There are so many sides to Bangkok. It’s easy to come here and focus on things like the shopping, or the food, or the nightlife.
But at its heart, Bangkok is the capital of a royal dynasty that founded the city in 1782. And there’s no greater symbol of that story than the Grand Palace.
Visiting the Grand Palace is one of the best things you can do in Bangkok – but it’s more than just an impressive collection of architecture (although, for the record, it is a VERY impressive collection).
The Grand Palace is also representative of the Thai Royal Family’s role in the culture and the heritage of the country.
Some of what you’ll see and learn about is historical (having an area for the king’s harem was phased out more than a century ago, for instance). But the king is still the head of state, so the opulent halls used for official functions are a part of modern Thailand as well.
What is the Grand Palace in Bangkok?
More than just a single structure, the Grand Palace is a majestic complex of buildings that has been the official residence of the Thai King since it was built in 1782.
Who lives at Bangkok’s Grand Palace?
Although the Grand Palace is officially the Thai King’s residence, the monarch hasn’t actually lived here since 1925 (the current king lives in Dusit Palace). No royal family members live in the Grand Palace at the moment.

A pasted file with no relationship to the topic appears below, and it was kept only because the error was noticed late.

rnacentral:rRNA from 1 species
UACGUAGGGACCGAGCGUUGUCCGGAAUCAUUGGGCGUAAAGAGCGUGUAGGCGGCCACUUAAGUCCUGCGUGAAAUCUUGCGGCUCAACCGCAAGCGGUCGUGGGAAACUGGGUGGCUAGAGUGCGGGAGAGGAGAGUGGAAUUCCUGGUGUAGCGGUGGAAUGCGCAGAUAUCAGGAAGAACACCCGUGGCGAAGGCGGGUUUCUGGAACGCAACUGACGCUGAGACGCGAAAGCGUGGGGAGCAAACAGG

Is it worth visiting the Grand Palace?
For tourists, visiting the Grand Palace is one of the top things to do in Bangkok. It offers a wonderful insight into Thai culture and heritage, alongside some of the country’s most beautiful traditional architecture.
The name ‘Grand Palace’ can be a little misleading, because this is not a single building or expansive structure like the Palace of Versailles or other European royal homes.
It’s actually a huge area (about 500 metres on each side) enclosed within a wall. The palace’s series of buildings and structures, separated into different courts, operated more like a city (similar in concept, although not size, to Beijing’s Forbidden City).
It was both a home for the Thai king and the royal family, but also where all the ceremonial functions and other important events would be held.
And, before Thailand moved to become a constitutional democracy, it was where the administration of the country took place, with government ministries and parts of the public service based here as well (hence why it was so large).